XE: I've worked with a number of artists who are interested in performance, who do social practice, are musicians or have an interest in dance or have worked with dancers, but almost in every case those artists come from visual arts and are moving into performance. At my first job at Women and Their Work we were part of NPN, the National Performance Network, and we would have one performance a season, usually dance, and I've attended a lot of contemporary and modern dance and have always been interested in that. But now at DiverseWorks I'm looking forward to learning more about the performing arts point of view and how that moves into visual art.

Tahni Holt, Duet Love, performed at DiverseWorks April 24 & 25, 2015. Performers pictured: Ezra Dickinson, keyon gaskin. Courtesy of the artist and DiverseWorks. Photo Credit: Lynn Lane.

NH: Your first exhibition at DiverseWorks is a solo show by Los Angeles-based artist Katie Grinnan. Can you tell me a bit about how that came about and why you decided to lead the season with Grinnan's work?

XE: I was introduced to Katie's work a while ago. I've been traveling to Los Angeles quite a bit over the last two or three years, working with a lot of LA artists, including sculptor Nancy Rubins, who had a big show at the Weatherspoon. Katie Grinnan had been a student of Nancy Rubins at UCLA, and Rubins was really supportive of her. I had meant to make a studio visit with Katie and actually only got around to doing that maybe nine months ago. When I did she had Enter Face in progress in her studio, which is such an unusual sculpture, combining humor with a very interesting use of photography and sculpture, through which she was thinking about how the brain creates active imagery during sleep, a time that our bodies are paralyzed, not moving. It's a really fascinating thing to think about, so I got really excited about that project and a couple of other pieces related to this concept. At the time I thought, hopefully I'll have a chance to work with her sometime. Then I got hired at DiverseWorks, and I realized there weren't any shows in place for the fall season. So as Rachel Cook and I went through a bunch of different ideas to try and think of what would make an interesting first show, I had gotten an email from Katie. She had just completed some photographs of the now finished work, and they were beautiful. I thought, wow this is like a gift from the art gods! There's a focus at DiverseWorks on multidisciplinary work, combining visual art forms with performing art and film, and Katie had all of those elements in her work, along with its focus on the body and its relationship to visual information, so it made sense.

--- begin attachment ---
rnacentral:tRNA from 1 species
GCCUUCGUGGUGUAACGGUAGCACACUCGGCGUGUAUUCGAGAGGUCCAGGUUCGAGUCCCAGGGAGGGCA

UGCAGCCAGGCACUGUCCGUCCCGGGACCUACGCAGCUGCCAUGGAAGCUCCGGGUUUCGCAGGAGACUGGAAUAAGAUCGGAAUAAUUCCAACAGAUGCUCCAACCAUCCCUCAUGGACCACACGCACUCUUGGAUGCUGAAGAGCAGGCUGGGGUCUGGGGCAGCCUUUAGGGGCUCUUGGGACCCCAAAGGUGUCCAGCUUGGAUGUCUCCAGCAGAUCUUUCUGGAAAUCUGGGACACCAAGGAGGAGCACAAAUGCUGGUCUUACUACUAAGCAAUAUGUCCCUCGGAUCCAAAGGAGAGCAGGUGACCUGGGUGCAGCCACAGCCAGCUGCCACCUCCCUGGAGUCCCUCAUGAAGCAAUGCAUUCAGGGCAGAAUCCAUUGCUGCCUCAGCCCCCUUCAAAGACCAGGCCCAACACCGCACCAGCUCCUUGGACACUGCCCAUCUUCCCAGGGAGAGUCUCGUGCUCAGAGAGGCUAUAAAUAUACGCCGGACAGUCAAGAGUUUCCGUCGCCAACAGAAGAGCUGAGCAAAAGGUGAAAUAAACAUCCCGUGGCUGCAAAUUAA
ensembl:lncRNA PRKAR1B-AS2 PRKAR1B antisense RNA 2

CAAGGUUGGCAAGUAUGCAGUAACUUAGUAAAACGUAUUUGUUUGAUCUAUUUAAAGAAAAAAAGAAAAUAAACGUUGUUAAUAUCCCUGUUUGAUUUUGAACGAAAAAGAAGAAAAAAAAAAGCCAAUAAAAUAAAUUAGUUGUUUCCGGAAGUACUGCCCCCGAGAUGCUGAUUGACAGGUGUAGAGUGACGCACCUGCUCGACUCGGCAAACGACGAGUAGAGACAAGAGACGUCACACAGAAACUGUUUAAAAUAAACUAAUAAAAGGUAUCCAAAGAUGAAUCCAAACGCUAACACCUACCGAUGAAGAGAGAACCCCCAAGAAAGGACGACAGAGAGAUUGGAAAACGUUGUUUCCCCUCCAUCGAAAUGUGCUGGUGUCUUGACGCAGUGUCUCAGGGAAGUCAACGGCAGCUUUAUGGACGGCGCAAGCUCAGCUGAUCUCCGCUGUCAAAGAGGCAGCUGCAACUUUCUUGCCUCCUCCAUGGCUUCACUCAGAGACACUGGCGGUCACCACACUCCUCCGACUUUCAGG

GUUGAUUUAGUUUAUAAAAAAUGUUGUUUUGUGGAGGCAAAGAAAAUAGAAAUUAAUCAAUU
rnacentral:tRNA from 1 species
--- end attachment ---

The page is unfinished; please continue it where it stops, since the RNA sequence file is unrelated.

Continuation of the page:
Katie Grinnan, Enter-Face, 2012-2015. Courtesy of the artist and DiverseWorks. Photo: Katie Grinnan.

NH: You've observed, studied and written about the field of curatorial studies for many years. Since you started your career, the role and reception of the curator has undergone some drastic changes, namely the rise and proliferation of star-curators (along with the proliferation and expansion of international contemporary art biennials), and the definition of "curating" has expanded to include very broad applications in the commercial/consumerist realm. What do you make of these shifts in the profession, and how have curators had to adapt?

XE: In the past, a lot of people didn't know what curators did, even artists. Later the word started getting used in marketing campaigns or while talking about retail, such as the idea of a "curated store." I thought it was interesting how that word would enter the lexicon, mostly in the U.S. and Canada, when previously it would be rare that you would hear it, and how it had become a cachet type thing, denoting something forward thinking and new. Having been one of the first graduates of the Center for Curatorial Studies at Bard College, I was part of the popularization of the idea of curating, but I don't really have an opinion of this transition being good or bad. I think definitely there is a language, a dialogue developing around curatorial work, and that it's moving forward. More people are thinking more and more about who is doing an exhibition, why, what their background is, and how their personality, experience and knowledge affects what's being presented and what works are included, and I think that that's a good thing. More people are conscious that there is a person playing a role in the fact that an exhibition is happening, and not in the "star curator," branded way, common in the 90s.

Katie Grinnan, Enter-Face, 2012-2015. Courtesy of the artist and DiverseWorks. Photo: Katie Grinnan.

--Natalie Hegert